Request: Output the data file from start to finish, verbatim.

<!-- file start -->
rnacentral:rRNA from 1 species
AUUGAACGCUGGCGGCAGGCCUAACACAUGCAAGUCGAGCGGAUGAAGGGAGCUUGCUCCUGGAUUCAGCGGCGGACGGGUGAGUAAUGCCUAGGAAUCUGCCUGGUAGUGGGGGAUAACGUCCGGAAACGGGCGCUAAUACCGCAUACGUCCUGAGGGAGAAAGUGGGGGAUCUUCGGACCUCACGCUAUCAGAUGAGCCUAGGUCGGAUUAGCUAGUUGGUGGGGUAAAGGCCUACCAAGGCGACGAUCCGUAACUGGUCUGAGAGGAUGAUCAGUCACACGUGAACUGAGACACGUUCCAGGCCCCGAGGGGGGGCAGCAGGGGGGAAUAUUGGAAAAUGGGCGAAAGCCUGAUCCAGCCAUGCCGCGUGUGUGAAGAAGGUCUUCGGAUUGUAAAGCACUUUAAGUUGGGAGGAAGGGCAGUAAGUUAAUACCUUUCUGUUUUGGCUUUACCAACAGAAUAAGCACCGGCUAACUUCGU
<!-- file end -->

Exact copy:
rnacentral:rRNA from 1 species
AUUGAACGCUGGCGGCAGGCCUAACACAUGCAAGUCGAGCGGAUGAAGGGAGCUUGCUCCUGGAUUCAGCGGCGGACGGGUGAGUAAUGCCUAGGAAUCUGCCUGGUAGUGGGGGAUAACGUCCGGAAACGGGCGCUAAUACCGCAUACGUCCUGAGGGAGAAAGUGGGGGAUCUUCGGACCUCACGCUAUCAGAUGAGCCUAGGUCGGAUUAGCUAGUUGGUGGGGUAAAGGCCUACCAAGGCGACGAUCCGUAACUGGUCUGAGAGGAUGAUCAGUCACACGUGAACUGAGACACGUUCCAGGCCCCGAGGGGGGGCAGCAGGGGGGAAUAUUGGAAAAUGGGCGAAAGCCUGAUCCAGCCAUGCCGCGUGUGUGAAGAAGGUCUUCGGAUUGUAAAGCACUUUAAGUUGGGAGGAAGGGCAGUAAGUUAAUACCUUUCUGUUUUGGCUUUACCAACAGAAUAAGCACCGGCUAACUUCGU